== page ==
A Ketchum account manager recently asked me to provide her account team with some tips on what she called “executive-ready” writing. Her main goal was to ensure that any document the team produced — from PR plans to e-mail messages — was written in a way that could be quickly read and understood by the client’s highest-level executives. But a secondary goal was perhaps just as important: getting rid of any low-hanging fruit that could lead a client to focus more on the mechanics of writing than on the message.
Her request got me thinking: All Ketchum writing should be executive-ready. Below is a checklist of 10 things you can do to help make sure yours is. Do you follow any of these practices? Do you have any others you would add? I welcome your comments.
1. Did you use everyday language?
Industry jargon and acronyms may be plain to their niche audiences, but they can read like a foreign language to everyone else. In general, avoid obscure jargon (including PR jargon), confusing acronyms, excessively flowery adjectives or words the average reader might need to look up. Any of these can leave a reader wondering what you’re talking about.
2. Are your modifiers in the right place?
Where you place a modifier in relation to the word it is intended to describe affects the meaning – and can leave a reader confused. Consider this:
The USA Today reporter only wanted to speak to the CEO.
This is not the same as . . .
The USA Today reporter wanted to speak only to the CEO.
And this is not the same as . . .
Only the USA Today reporter wanted to speak to the CEO.
3. Is there unnecessary repetition or wordiness in your writing?
Wordiness and repetition weaken good writing and slow down the reader. Weed out wordiness by reducing some common phrases to one word. (For example,”For the purpose of” becomes “for,” “in the event that” becomes “if,” and “at the present time” becomes “now.”) And carefully check your writing for unintended repetition, such as inadvertently pasting the same sentence or paragraph in multiple places within a document — or simple redundancy, such as writing “circle around the wagon” when “circle the wagon” will do.
4. Do you really need “there” or “it”?
Avoid using the words “there” or “it” to prop up your writing. Cutting them out can result in clearer, more active sentences. Consider these examples:
OK: There are many uses for the new product.
Better: The new product has many uses.
OK: It is the company’s plan to announce earnings next week.
Better: The company plans to announce earnings next week.
5. Would bullet points or numbers make it easier for the reader to follow your points?
Dense paragraphs can look like a chore to read. If you want the reader to take away three or four key points, consider highlighting them with numbers or bullets. This breaks up the copy and makes each point easier to see and quickly comprehend.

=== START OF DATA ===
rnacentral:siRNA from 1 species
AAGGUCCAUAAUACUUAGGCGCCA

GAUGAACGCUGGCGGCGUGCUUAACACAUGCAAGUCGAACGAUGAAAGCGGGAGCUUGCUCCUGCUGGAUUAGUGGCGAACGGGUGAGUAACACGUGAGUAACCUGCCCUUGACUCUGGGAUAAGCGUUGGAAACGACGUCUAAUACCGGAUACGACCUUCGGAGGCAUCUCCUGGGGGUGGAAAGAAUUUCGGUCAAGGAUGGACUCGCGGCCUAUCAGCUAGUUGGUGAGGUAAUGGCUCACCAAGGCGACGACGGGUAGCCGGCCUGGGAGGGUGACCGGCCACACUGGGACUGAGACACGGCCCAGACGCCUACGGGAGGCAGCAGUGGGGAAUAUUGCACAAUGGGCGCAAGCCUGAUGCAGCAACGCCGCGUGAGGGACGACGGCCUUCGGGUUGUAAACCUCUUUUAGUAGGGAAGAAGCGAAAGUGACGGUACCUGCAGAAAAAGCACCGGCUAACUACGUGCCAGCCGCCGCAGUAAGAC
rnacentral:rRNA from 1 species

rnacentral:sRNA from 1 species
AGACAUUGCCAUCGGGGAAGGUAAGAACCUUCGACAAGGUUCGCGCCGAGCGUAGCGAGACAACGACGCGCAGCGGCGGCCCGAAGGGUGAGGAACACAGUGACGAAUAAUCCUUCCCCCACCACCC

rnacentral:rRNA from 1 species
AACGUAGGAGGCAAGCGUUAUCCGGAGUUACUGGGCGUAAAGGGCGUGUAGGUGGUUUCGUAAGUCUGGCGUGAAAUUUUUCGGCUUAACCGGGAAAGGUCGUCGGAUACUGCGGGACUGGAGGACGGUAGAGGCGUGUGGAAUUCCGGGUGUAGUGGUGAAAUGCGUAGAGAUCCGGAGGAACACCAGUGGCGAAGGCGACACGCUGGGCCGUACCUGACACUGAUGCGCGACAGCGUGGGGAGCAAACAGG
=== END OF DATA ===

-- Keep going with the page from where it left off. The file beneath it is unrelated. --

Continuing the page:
6. Did you use parallel construction in any list or series?
Parallel construction may well be one of those terms that is everyday language only to grammar geeks. So, here’s what I mean:
What’s “off” in this sentence?
Her hobbies include running marathons, Scrabble and collecting historical dolls.
If you noticed that “Scrabble” is inconsistent with “running” and “collecting” — or if you’re wondering what exactly she does with Scrabble — you understand parallel construction. Double-check bulleted lists as well as those within sentences.
7. When using bullet points or lists, did you? . . .
Start every item with either capital or lowercase letters? (Not both.)
Use either complete sentences or fragments for every item? (Not both.)
Use or not use punctuation at the end of every item? (Not both.)
8. Is formatting consistent throughout the document?
Make sure that margins line up appropriately, headings and text are the same size for comparable sections of the document, and font styles do not inadvertently switch back and forth from, say, Arial to Calibri. Also, if you abbreviate the same word on multiple pages of the document, be sure to do so consistently. Don’t write “continued” as “cont’d” in one place and “cont.” in another.
9. Are dates and other time elements consistent?
If an event is set to happen on Thursday, Sept. 1, in one place in the document, double-check that the timing doesn’t change to Wednesday, Sept. 1, elsewhere. Ditto on a.m. and p.m. And if a time element actually does change after your first draft of a document, proofread carefully to make sure the new timing is reflected throughout.
10. Is the client’s brand or product name spelled or written the same throughout the document?
This one truly is low-hanging fruit. Any executive is bound to notice incorrect or inconsistent spelling of his or her brand’s name, and you should, too. Know how important names should be spelled and spell them right every time. Similarly, use one consistent spelling for common words that can be spelled multiple ways (e.g., “dietician” versus “dietitian”).